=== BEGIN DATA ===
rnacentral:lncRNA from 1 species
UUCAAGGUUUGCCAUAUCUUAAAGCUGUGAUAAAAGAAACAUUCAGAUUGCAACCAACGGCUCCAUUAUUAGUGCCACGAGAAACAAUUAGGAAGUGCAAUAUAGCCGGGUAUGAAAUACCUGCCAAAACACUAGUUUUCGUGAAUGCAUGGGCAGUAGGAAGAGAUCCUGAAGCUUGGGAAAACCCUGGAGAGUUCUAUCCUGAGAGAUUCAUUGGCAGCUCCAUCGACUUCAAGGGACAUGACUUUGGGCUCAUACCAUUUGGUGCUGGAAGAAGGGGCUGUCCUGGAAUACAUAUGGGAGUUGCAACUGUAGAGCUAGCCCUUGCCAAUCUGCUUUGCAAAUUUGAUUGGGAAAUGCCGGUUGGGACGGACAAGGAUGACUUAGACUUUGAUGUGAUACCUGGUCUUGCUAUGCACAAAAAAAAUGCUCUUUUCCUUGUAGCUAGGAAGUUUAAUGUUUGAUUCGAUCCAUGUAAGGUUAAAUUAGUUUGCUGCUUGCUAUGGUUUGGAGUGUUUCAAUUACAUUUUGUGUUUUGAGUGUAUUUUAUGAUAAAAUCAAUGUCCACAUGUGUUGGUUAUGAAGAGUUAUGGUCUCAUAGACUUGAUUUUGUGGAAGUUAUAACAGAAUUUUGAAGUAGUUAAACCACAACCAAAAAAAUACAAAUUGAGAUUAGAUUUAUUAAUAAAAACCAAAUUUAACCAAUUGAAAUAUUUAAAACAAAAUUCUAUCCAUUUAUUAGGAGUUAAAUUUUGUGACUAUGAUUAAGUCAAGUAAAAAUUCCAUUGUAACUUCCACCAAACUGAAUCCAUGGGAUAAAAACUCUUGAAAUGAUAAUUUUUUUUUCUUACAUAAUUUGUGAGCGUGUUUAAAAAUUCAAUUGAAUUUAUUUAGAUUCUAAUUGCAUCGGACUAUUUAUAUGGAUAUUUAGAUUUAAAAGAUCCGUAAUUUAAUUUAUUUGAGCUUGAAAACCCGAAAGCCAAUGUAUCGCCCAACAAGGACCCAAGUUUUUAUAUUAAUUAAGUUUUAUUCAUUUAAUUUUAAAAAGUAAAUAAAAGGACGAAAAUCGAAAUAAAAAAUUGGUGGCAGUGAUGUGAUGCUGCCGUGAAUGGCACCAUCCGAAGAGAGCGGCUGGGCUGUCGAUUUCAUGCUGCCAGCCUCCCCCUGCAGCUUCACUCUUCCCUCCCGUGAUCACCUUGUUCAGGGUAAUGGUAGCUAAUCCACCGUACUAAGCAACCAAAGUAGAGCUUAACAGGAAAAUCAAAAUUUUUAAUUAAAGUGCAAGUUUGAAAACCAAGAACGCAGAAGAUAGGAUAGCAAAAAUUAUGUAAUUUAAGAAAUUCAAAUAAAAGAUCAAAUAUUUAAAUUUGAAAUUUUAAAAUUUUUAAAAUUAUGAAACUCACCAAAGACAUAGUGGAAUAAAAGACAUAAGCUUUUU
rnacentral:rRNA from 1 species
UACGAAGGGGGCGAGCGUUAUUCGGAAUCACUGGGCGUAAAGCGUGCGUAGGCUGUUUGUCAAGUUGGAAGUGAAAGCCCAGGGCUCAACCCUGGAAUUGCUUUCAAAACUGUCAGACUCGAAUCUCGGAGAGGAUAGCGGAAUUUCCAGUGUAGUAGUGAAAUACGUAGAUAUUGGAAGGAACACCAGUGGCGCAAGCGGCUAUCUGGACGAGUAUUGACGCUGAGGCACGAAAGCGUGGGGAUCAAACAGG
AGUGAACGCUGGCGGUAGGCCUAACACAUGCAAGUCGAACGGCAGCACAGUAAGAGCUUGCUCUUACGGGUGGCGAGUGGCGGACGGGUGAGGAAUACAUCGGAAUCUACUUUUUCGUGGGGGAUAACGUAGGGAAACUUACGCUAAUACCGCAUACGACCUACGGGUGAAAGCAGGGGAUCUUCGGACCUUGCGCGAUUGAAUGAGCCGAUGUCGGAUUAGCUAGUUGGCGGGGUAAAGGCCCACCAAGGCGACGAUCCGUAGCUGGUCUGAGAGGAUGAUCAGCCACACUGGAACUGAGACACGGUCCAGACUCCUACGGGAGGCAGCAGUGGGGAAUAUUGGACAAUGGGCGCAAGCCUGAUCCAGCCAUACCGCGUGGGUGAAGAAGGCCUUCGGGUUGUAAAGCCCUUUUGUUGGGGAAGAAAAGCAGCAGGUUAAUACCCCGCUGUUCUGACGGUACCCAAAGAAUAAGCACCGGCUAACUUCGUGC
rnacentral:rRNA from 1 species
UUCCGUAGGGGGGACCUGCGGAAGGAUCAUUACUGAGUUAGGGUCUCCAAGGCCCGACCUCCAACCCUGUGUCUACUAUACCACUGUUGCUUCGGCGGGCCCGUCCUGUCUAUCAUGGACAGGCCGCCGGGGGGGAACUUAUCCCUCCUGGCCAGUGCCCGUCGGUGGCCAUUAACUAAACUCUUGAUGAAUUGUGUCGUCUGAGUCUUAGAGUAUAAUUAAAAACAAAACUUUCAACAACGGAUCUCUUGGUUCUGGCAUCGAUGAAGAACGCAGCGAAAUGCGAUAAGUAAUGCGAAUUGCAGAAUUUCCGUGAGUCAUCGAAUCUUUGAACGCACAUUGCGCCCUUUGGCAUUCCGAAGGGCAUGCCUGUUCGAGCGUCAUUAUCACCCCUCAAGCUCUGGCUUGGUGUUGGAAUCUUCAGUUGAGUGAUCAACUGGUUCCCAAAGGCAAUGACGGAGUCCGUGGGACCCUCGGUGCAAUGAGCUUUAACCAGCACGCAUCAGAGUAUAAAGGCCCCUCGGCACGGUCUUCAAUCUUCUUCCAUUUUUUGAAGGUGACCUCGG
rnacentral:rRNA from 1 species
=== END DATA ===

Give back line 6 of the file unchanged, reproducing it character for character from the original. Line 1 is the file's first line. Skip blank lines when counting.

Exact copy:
rnacentral:rRNA from 1 species